It isn’t. It’s pulsing, hovering like a tiny white angel, and somehow it feels as if it is looking at us. It speeds ahead, leaving a thin white trail of light, then stops and comes back to us, slowly. This happens several times while my son and I stand as still as rocks, staring at it in silence. The fourth time it looks impatient, glowing brighter, speeding away faster, and coming back towards us suddenly, inches from my son’s nose.
“Mom. It wants us to follow it.”
We do. I don’t even question it, because the presence of this thing feels as different as possible as the presence of the giant porch wolf, which seems to have doubled in size since I last saw it. We follow it through the woods for about twenty minutes, holding tightly to each other as we follow the little light.
We are walking alongside the river, very close to our favorite spot in the woods with the big flat rock. The light suddenly swerves to the left, speeding so fast we have to run to keep up. I’m surprised when I hear my son call out to it.
“No! Please don’t leave!”
The light slows to a stop, allowing us to catch up to it. My eyes were so fixed on the bright little orb that I hadn’t noticed it had led us to the mouth of a cave, about ten feet across and just barely taller than me, and pitch black inside. I am not going in there.
“We have to, Mom. She saved us.”
He drops the hand he was holding and follows it into the darkness. As soon as we step inside, the cave comes to life, a thousand little lights glowing slowly awake. They float through the air, drowsy and dim at first. I swear the cave walls are stretching, yawning. A deep sigh shakes the floor of the earth, and with little twitches and bounces, the lights reach a rich, full glow and are bouncing off each other, the walls, and us. My son’s giggle echoing off the cave walls swaddles my heavy heart. He is dancing, bouncing with the lights, which are all swirling around him now, bouncing off his head and falling dramatically to the floor before circling back up around him like a beautiful tornado.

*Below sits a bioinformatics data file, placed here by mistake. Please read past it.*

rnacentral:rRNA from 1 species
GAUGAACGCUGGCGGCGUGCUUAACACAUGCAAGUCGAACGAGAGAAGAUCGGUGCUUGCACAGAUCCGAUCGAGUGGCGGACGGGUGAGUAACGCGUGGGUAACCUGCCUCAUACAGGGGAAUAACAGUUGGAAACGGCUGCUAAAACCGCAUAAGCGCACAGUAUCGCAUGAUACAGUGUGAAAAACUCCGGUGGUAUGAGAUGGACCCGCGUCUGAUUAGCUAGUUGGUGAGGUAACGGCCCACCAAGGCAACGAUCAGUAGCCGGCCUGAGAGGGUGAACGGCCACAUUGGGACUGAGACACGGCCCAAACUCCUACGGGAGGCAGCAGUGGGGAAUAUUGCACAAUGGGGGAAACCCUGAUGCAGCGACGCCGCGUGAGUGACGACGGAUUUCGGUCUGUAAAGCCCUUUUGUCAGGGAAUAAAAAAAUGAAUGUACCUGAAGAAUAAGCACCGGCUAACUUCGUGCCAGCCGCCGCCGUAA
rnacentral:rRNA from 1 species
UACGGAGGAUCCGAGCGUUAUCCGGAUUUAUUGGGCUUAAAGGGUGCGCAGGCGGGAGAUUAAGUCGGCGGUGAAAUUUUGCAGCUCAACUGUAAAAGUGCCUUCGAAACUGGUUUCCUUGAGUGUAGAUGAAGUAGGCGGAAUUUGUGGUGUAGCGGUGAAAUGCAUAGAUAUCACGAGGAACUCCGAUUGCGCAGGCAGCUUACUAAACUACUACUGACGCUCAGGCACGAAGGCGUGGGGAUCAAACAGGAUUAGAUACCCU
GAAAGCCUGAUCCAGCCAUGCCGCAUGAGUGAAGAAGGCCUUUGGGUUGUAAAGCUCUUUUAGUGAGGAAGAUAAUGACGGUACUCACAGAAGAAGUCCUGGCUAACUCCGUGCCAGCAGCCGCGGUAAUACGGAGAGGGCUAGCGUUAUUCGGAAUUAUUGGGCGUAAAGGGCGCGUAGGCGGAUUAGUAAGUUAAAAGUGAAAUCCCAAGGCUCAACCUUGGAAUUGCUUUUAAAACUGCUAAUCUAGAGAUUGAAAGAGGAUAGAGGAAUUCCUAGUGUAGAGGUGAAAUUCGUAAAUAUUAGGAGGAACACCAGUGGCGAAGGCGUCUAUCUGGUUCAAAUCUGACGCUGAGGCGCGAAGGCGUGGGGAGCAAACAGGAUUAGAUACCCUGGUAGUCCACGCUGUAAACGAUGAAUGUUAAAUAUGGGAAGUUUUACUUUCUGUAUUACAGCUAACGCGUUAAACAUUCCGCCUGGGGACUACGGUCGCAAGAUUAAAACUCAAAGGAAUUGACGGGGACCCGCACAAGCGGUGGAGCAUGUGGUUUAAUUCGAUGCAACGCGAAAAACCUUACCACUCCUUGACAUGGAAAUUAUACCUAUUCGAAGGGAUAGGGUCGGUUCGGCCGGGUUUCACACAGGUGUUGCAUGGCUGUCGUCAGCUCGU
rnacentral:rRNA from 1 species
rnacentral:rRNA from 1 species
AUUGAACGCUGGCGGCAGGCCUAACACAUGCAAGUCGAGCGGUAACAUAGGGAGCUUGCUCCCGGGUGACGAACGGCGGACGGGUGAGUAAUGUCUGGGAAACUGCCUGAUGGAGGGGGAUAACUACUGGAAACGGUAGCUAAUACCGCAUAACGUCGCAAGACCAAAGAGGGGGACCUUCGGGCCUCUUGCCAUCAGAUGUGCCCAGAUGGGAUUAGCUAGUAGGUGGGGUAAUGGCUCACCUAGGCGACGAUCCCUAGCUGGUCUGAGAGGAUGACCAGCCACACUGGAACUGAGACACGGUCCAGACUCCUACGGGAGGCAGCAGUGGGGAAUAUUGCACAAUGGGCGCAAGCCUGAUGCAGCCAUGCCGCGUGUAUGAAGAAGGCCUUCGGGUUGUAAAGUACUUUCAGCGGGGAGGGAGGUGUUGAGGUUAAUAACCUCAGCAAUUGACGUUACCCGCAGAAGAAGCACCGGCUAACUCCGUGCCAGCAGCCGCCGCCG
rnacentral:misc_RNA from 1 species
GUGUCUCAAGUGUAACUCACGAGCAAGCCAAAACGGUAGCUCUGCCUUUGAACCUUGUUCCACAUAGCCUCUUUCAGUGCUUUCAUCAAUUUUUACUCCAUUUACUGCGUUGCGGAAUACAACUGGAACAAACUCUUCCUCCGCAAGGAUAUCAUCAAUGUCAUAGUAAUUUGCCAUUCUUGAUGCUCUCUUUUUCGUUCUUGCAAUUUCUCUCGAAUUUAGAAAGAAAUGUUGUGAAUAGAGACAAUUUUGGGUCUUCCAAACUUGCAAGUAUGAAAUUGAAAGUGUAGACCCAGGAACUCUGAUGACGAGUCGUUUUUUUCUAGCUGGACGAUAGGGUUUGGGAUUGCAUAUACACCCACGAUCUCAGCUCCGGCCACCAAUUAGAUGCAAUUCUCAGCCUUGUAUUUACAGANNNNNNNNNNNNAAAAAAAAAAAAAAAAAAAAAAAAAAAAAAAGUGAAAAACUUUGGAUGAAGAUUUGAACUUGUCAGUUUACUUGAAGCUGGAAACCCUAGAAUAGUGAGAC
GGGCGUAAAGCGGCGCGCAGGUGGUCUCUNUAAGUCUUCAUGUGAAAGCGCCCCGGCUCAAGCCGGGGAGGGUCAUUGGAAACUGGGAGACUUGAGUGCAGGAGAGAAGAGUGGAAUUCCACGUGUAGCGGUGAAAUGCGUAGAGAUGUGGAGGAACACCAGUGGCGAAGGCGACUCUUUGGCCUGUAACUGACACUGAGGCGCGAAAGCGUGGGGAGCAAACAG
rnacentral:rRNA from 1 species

“Mom! They’re playing! They’re hugging me!”
I sit in the cave floor, removing my bag with the journal inside and hope my son doesn’t remember that I wanted to show him something. After the wolf, I am questioning my decision to read it with him before checking it out first. This place is beautiful and it feels safe; I know it in a way I can’t describe, and I don’t want to ruin it.
My son sits in front of me, little lights resting on his shoulders in clusters. He is smiling and his twinkling eyes are more brilliant than ever with the reflection of his new little friends.
“Can we keep them?”
I laugh, smiling back at him.
“Keep them? What are they?”
The little orbs squeeze in tight to him, circling his shoulders. They move slightly toward me, as if they’re looking at me in anticipation.
“Let’s spend a little more time here.”, I tell him, pulling snacks from my bag. “Let’s just see what this is all about, ok?”